GAINESVILLE, Fla– Florida residents who qualify as widowed and/or disabled can now expect to receive a tax exemption increase from $500 to $5,000 off of their property assessed value.
The Florida Legislature passed these bills on March 15, 2022, and it is projected to go into effect for the 2023 tax year.
This is the first time the widowed tax deduction has increased since its effective year in 1968. Both the widow and disability are considered to be minimal requirement exemptions for Florida property owners who have maintained residency in the state. Therefore, any Florida resident who is widowed or disabled as of January 1, 2023, can apply to receive these benefits.
“Previously the $500 exemption saved residents about $10 in actual tax savings,” Alachua County Property Appraiser and FAPA Sergeant at Arms, Ayesha Solomon said. “With this new increase, taxpayers who qualify for this exemption will benefit from approximately $100 in annual property tax savings.”
“I was informed that the ability to move several legislative bills in a year is a little unorthodox. This makes an ordinary day at work extraordinary,” she said.
In addition to recent increases in residential savings, agricultural operators also saw a boost this year with the passage of language promoting agritourism as an additional stream of income and benefits to agriculture operations.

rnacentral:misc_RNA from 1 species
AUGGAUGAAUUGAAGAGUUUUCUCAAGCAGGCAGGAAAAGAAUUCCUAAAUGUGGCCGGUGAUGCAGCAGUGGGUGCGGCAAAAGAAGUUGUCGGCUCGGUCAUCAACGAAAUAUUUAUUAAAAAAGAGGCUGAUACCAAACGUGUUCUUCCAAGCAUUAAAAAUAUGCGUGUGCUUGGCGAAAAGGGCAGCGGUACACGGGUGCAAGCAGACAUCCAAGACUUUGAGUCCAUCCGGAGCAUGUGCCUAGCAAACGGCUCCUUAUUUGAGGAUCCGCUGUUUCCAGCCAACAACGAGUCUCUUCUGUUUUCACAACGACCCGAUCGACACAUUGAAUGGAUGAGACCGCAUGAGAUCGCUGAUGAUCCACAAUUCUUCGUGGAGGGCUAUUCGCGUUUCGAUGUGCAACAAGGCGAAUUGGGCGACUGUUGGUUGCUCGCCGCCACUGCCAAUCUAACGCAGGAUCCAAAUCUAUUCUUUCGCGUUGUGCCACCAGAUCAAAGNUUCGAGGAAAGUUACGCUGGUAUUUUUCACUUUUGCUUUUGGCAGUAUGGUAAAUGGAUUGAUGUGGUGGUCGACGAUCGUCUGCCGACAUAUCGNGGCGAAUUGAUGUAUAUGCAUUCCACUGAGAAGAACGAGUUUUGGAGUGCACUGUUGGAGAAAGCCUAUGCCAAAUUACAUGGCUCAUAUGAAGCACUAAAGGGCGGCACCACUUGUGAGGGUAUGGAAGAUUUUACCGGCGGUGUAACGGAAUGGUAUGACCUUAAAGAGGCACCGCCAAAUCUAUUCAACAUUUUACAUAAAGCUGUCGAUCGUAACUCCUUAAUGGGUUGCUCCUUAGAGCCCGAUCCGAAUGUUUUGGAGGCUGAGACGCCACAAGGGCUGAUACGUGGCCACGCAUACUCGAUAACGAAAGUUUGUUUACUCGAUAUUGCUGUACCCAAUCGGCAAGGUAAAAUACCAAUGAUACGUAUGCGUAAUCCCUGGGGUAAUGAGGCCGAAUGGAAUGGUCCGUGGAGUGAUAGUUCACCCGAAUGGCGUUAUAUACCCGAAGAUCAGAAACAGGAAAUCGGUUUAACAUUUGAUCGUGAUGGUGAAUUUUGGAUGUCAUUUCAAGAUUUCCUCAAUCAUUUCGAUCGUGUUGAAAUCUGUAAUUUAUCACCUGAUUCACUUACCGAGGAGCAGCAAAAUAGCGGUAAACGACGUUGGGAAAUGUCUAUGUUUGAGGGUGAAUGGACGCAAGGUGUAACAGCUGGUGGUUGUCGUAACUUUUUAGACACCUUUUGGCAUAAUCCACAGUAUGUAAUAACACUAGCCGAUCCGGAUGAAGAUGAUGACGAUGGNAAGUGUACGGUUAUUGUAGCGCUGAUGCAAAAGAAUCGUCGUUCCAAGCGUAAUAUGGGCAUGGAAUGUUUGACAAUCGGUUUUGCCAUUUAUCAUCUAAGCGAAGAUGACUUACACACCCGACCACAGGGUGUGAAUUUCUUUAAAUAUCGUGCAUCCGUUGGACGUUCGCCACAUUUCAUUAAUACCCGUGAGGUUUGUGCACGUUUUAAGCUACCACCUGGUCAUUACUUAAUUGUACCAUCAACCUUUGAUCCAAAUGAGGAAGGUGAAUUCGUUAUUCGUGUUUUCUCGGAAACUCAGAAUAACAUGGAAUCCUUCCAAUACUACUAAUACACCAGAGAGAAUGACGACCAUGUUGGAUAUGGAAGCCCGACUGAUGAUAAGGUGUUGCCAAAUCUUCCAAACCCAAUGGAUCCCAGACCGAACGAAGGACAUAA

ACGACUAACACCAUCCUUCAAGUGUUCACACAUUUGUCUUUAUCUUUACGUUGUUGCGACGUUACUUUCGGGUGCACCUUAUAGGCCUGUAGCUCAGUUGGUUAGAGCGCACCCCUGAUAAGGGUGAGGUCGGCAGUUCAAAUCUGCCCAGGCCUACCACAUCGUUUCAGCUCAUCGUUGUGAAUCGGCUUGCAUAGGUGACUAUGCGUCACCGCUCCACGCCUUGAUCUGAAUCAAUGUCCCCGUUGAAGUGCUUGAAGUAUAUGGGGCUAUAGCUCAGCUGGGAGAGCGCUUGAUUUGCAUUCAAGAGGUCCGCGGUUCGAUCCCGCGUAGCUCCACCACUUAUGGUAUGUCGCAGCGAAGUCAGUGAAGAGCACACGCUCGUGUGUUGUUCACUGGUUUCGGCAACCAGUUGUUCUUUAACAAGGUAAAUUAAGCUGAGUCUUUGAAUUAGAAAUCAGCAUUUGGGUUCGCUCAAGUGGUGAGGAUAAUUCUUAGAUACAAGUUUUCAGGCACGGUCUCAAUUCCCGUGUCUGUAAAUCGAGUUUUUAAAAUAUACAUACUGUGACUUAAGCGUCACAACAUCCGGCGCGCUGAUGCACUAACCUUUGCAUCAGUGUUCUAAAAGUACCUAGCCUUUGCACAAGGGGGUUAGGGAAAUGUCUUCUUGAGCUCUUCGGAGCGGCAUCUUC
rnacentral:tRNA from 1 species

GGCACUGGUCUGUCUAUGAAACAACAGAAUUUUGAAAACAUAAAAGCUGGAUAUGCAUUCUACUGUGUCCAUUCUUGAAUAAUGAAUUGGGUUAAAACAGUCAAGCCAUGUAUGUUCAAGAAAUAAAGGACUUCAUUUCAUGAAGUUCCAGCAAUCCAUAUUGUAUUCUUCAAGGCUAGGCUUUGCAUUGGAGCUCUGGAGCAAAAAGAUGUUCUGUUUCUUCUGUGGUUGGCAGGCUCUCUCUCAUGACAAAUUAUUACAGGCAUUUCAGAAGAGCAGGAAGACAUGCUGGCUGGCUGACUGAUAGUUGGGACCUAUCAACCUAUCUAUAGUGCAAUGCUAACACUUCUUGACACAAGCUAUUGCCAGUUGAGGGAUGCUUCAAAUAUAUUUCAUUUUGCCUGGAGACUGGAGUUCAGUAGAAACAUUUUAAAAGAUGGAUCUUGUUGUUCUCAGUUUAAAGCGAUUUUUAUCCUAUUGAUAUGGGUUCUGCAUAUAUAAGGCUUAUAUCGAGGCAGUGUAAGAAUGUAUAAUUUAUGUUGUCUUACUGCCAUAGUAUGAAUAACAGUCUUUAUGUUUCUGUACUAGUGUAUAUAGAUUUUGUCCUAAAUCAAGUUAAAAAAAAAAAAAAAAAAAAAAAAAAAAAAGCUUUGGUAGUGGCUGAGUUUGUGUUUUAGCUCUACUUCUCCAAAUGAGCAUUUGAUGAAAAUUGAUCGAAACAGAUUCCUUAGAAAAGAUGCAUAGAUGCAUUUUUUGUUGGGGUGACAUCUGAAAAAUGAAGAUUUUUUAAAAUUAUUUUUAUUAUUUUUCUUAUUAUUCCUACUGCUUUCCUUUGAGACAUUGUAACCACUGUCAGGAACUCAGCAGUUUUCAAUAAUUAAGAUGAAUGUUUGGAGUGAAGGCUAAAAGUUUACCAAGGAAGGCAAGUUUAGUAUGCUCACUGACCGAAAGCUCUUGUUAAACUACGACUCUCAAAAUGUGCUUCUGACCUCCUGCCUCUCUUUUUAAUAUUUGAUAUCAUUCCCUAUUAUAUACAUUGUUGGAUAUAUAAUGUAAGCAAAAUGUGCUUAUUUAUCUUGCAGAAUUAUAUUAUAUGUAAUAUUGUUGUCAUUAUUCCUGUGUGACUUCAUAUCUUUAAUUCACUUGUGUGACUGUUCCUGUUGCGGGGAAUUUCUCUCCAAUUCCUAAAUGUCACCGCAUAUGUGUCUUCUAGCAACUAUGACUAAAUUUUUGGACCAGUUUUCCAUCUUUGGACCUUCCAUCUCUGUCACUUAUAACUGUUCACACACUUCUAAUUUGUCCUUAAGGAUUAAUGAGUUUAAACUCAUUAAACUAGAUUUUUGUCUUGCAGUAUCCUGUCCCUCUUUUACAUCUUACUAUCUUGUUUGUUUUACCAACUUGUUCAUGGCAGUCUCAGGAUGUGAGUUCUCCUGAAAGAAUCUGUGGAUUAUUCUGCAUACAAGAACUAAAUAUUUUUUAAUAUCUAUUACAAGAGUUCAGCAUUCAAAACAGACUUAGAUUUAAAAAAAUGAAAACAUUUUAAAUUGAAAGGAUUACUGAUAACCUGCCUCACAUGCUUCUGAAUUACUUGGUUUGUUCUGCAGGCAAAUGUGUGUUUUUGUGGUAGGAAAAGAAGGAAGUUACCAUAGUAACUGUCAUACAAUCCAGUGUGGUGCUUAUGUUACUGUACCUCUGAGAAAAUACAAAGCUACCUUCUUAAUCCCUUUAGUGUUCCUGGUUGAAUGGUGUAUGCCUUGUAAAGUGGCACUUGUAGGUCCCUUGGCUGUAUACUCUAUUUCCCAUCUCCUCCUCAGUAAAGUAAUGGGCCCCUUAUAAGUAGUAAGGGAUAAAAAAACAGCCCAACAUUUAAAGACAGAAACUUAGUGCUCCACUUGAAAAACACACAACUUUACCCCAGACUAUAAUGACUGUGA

Cregg Dalton, Citrus County Property Appraiser, and FAPA President-Elect said, “I am proud of our members, who worked diligently with legislators and their staff, to ensure the language of these bills will best benefit our constituents.”
Currently, the Critical Public Services Workforce bill is a pending amendment to the State Constitution for all levies other than the school district. The Legislature may provide an additional homestead exemption on the assessed valuation of greater than $100,000 and up to $150,000 for classroom teachers, law enforcement officers, correctional officers, firefighters, emergency medical technicians, paramedics, child welfare services professionals, active-duty members of the United States Armed Forces, and members of the Florida National Guard.
This amendment will be placed on the November ballot if passed by voters.